To Your Health

Using DNA to provide customized vitamins based on genetic needs

Q. I'm seeing advertisements for services that will test your DNA and provide customized vitamins based on your genetic needs. Is this a valid method for determining the supplements you need? A. DNA (deoxyribonucleic acid) is the material that contains the instructions for many visible and invisible body features such as eye color, stature, disease resistance, and a host of other inherited traits. It is a long stringlike molecule present in almost every cell of our body. Each of our body's cells that possess a nucleus contains a complete copy of our DNA, so within an individual all the muscle cells, brain cells, liver cells, white (but not red) blood cells, sperm cells, and lots of other cells have identical copies of DNA. During reproduction, DNA is copied and passed on to the offspring.

All DNA testing is based on the observation that the genome (the complete set of chromosomes) of each person, except in the case of identical twins, is unique. DNA testing identifies the subtle differences in the DNA of individuals. It can determine your genetic susceptibility to a disease, confirm a diagnosis, or determine whether a disease you already have is genetically based. At this early stage of development, it cannot yet directly determine which nutrients you need in extra amounts. It is still a powerful tool to help you make some very important health, medical, and lifestyle decisions.

DNA test results must be combined with information about the effect of diseases on nutritional requirements in order to come up with recommendations for food supplements. At present, few genetic conditions are documented to be corrected through nutritional intervention, but there is immense potential. The May 6, 2005, "To Your Health" column mentioned using DNA testing to uncover the mutation in folic acid metabolism that makes 5-methyltetrahydrofolate more helpful than folic acid for some individuals.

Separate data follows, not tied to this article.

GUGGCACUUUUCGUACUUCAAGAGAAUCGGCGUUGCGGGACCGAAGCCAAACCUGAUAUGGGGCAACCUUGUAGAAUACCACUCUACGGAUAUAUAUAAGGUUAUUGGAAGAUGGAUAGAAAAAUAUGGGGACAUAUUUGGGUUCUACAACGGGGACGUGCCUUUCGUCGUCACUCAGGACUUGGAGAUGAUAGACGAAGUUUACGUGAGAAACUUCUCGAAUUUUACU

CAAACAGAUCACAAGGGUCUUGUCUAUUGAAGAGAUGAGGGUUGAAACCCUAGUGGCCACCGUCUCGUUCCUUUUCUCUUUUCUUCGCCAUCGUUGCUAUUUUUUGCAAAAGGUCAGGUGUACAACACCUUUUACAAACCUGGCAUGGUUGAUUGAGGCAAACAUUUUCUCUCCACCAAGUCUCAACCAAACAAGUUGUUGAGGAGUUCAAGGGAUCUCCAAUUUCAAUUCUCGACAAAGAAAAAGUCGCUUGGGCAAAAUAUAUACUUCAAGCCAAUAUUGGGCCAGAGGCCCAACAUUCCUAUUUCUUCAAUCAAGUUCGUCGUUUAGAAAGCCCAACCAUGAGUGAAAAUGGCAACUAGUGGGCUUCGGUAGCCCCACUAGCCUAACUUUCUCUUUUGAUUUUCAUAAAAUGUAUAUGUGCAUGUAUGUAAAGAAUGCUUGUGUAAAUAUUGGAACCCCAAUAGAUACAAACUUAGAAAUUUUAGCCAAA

There are several DNA test panels that focus on mutations associated with some common diseases that are manageable with improved nutrition. For example:

• A cardiac panel identifies the mutations associated with increased risk of developing atherosclerosis, hypertension, and coronary artery disease. The tests check for risk factors that include blood clotting syndromes, cholesterol regulation defects, and inflammation markers.

• An osteoporosis panel identifies mutations associated with increased risk of developing osteoporosis. The tests check for inherited defects in calcium metabolism, vitamin D3 activity, parathyroid hormone action, and collagen synthesis.

• A detoxification panel identifies mutations associated with our ability to remove toxins from our bodies. Detoxification defects have been associated with increased risk for certain cancers, chronic fatigue, and alcoholism.

• An immune panel identifies mutations associated with increased risk of developing defects in our immune system that lead to asthma, heart disease, and infectious diseases.

• A test for the hereditary iron overload disorders that affect as many as one in 10 men promises to prevent many serious problems, including diabetes, liver, and heart disease.

Once you are aware of an increased risk, you can make the lifestyle modifications, including nutritional intervention, which will better shield you from harm.

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